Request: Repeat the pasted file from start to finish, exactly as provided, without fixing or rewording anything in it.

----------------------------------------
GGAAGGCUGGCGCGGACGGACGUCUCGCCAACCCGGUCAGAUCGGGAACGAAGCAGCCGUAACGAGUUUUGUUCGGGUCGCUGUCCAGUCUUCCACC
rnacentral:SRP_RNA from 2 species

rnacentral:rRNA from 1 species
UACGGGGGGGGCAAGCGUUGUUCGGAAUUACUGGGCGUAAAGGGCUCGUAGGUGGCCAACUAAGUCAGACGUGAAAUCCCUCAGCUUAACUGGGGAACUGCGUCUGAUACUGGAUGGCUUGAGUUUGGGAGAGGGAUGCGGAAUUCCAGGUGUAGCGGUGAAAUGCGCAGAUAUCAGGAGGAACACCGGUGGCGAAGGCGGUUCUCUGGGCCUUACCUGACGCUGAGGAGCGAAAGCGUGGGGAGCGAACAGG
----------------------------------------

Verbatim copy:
GGAAGGCUGGCGCGGACGGACGUCUCGCCAACCCGGUCAGAUCGGGAACGAAGCAGCCGUAACGAGUUUUGUUCGGGUCGCUGUCCAGUCUUCCACC
rnacentral:SRP_RNA from 2 species

rnacentral:rRNA from 1 species
UACGGGGGGGGCAAGCGUUGUUCGGAAUUACUGGGCGUAAAGGGCUCGUAGGUGGCCAACUAAGUCAGACGUGAAAUCCCUCAGCUUAACUGGGGAACUGCGUCUGAUACUGGAUGGCUUGAGUUUGGGAGAGGGAUGCGGAAUUCCAGGUGUAGCGGUGAAAUGCGCAGAUAUCAGGAGGAACACCGGUGGCGAAGGCGGUUCUCUGGGCCUUACCUGACGCUGAGGAGCGAAAGCGUGGGGAGCGAACAGG